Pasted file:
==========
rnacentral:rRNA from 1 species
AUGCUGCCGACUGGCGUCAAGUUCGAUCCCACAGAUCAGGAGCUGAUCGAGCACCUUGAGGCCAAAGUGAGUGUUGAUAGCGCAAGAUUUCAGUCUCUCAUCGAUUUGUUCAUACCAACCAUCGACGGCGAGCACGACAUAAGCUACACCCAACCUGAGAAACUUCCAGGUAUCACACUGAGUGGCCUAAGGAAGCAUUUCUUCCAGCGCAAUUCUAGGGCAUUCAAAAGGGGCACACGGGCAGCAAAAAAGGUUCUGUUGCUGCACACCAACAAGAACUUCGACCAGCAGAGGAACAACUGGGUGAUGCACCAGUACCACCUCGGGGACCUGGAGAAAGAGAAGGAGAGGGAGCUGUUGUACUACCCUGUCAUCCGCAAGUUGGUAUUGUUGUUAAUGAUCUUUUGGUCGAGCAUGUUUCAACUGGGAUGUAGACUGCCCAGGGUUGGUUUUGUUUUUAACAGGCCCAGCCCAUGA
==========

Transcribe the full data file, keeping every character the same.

rnacentral:rRNA from 1 species
AUGCUGCCGACUGGCGUCAAGUUCGAUCCCACAGAUCAGGAGCUGAUCGAGCACCUUGAGGCCAAAGUGAGUGUUGAUAGCGCAAGAUUUCAGUCUCUCAUCGAUUUGUUCAUACCAACCAUCGACGGCGAGCACGACAUAAGCUACACCCAACCUGAGAAACUUCCAGGUAUCACACUGAGUGGCCUAAGGAAGCAUUUCUUCCAGCGCAAUUCUAGGGCAUUCAAAAGGGGCACACGGGCAGCAAAAAAGGUUCUGUUGCUGCACACCAACAAGAACUUCGACCAGCAGAGGAACAACUGGGUGAUGCACCAGUACCACCUCGGGGACCUGGAGAAAGAGAAGGAGAGGGAGCUGUUGUACUACCCUGUCAUCCGCAAGUUGGUAUUGUUGUUAAUGAUCUUUUGGUCGAGCAUGUUUCAACUGGGAUGUAGACUGCCCAGGGUUGGUUUUGUUUUUAACAGGCCCAGCCCAUGA